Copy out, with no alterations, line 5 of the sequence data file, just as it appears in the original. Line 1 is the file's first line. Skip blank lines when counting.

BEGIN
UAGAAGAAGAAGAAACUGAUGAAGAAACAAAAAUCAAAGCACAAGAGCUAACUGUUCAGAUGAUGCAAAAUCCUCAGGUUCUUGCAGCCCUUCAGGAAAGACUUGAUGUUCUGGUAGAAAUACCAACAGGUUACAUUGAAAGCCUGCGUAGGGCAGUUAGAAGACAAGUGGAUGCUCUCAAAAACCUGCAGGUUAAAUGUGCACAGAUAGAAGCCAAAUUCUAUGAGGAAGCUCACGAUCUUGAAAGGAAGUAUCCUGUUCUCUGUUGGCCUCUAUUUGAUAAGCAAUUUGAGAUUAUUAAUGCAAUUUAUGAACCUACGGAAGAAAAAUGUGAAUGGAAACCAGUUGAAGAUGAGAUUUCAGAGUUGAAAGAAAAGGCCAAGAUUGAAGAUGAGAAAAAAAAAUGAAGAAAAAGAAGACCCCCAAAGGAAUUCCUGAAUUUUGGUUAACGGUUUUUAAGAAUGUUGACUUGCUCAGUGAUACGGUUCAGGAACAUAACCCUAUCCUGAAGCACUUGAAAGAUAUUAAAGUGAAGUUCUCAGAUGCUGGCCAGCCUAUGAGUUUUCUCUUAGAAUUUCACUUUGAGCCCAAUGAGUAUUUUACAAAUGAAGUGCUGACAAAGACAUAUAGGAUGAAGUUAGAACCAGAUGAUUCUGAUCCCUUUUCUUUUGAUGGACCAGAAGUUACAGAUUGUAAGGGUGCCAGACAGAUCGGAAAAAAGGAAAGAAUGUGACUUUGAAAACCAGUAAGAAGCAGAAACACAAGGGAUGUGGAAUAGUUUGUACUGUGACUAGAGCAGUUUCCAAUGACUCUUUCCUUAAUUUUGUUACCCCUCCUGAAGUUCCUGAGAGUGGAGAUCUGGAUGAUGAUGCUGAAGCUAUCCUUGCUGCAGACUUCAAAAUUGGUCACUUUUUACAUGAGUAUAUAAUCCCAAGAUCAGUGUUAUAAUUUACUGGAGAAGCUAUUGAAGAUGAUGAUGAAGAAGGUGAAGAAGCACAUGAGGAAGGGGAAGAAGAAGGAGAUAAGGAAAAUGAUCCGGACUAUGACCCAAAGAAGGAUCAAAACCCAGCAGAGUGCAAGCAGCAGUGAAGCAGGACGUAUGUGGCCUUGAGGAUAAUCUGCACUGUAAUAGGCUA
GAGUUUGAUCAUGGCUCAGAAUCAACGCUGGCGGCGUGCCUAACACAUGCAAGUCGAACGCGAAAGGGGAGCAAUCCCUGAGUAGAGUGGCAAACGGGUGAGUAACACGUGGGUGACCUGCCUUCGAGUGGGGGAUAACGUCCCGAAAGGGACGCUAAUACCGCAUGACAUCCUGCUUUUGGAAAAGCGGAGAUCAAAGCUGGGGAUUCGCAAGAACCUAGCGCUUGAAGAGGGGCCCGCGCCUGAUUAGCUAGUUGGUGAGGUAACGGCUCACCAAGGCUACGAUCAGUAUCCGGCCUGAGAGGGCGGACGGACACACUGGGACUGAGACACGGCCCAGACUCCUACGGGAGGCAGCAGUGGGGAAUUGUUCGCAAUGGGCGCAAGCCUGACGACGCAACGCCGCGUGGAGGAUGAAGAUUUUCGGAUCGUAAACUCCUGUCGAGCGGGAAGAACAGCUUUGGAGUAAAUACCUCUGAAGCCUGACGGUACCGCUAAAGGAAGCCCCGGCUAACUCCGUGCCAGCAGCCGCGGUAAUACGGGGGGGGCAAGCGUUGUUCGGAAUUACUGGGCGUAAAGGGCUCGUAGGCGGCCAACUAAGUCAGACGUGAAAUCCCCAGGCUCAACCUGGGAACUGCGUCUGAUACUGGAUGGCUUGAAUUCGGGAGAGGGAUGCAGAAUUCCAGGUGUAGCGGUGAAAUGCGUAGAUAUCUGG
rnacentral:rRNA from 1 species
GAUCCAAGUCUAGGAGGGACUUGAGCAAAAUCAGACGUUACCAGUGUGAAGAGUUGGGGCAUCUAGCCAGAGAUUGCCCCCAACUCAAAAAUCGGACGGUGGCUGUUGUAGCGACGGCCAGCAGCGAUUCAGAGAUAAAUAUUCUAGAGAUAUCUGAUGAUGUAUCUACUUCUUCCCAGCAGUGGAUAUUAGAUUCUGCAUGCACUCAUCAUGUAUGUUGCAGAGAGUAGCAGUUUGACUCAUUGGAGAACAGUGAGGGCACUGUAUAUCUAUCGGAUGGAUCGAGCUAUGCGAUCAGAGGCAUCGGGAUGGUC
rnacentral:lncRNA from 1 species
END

rnacentral:lncRNA from 1 species